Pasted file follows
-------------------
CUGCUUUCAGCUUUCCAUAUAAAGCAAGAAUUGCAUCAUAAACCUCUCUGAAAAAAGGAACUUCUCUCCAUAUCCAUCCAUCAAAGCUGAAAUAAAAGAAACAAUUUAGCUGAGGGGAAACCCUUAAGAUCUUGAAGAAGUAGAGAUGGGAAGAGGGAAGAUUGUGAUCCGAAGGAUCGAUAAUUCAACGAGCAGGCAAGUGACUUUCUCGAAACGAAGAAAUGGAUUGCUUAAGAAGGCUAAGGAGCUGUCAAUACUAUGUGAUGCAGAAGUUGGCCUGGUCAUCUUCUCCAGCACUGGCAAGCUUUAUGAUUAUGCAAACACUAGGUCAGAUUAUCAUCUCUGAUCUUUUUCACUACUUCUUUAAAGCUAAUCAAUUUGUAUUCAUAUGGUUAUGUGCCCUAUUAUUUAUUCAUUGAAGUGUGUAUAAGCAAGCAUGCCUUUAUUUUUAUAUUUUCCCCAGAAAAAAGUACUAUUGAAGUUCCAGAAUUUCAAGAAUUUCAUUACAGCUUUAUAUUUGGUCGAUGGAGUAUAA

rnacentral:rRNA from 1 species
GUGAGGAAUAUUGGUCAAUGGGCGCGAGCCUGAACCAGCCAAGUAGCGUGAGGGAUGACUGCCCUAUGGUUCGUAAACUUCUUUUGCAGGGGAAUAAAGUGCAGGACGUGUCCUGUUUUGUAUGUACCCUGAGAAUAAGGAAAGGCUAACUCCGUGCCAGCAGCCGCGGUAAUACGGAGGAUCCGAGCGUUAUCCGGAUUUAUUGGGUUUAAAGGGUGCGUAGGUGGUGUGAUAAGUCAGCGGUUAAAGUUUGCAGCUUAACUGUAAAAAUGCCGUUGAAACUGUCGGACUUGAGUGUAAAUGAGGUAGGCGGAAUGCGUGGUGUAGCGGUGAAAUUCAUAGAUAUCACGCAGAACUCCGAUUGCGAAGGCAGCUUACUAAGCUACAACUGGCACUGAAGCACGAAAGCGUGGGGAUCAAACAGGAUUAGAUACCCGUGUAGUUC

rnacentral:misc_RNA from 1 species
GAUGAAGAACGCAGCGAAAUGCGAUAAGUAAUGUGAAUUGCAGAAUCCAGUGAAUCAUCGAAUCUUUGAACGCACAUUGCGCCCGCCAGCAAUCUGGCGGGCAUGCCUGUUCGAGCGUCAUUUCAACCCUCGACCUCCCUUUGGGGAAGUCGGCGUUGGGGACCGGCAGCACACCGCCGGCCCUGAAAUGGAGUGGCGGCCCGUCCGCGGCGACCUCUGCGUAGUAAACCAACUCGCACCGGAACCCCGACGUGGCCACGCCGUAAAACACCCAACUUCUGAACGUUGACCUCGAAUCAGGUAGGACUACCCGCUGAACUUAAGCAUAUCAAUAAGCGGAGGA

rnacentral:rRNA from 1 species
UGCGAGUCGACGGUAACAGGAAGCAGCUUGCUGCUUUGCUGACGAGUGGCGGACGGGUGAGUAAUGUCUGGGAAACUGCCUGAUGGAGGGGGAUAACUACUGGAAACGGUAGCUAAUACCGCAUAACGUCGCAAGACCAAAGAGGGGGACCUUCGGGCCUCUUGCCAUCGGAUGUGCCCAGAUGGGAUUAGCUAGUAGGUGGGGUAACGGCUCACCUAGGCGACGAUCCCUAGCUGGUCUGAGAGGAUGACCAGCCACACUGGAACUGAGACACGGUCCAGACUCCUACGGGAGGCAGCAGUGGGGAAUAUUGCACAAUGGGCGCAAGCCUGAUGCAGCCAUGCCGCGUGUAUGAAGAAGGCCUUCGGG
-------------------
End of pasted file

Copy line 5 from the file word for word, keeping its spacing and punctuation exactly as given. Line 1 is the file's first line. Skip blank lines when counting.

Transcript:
GAUGAAGAACGCAGCGAAAUGCGAUAAGUAAUGUGAAUUGCAGAAUCCAGUGAAUCAUCGAAUCUUUGAACGCACAUUGCGCCCGCCAGCAAUCUGGCGGGCAUGCCUGUUCGAGCGUCAUUUCAACCCUCGACCUCCCUUUGGGGAAGUCGGCGUUGGGGACCGGCAGCACACCGCCGGCCCUGAAAUGGAGUGGCGGCCCGUCCGCGGCGACCUCUGCGUAGUAAACCAACUCGCACCGGAACCCCGACGUGGCCACGCCGUAAAACACCCAACUUCUGAACGUUGACCUCGAAUCAGGUAGGACUACCCGCUGAACUUAAGCAUAUCAAUAAGCGGAGGA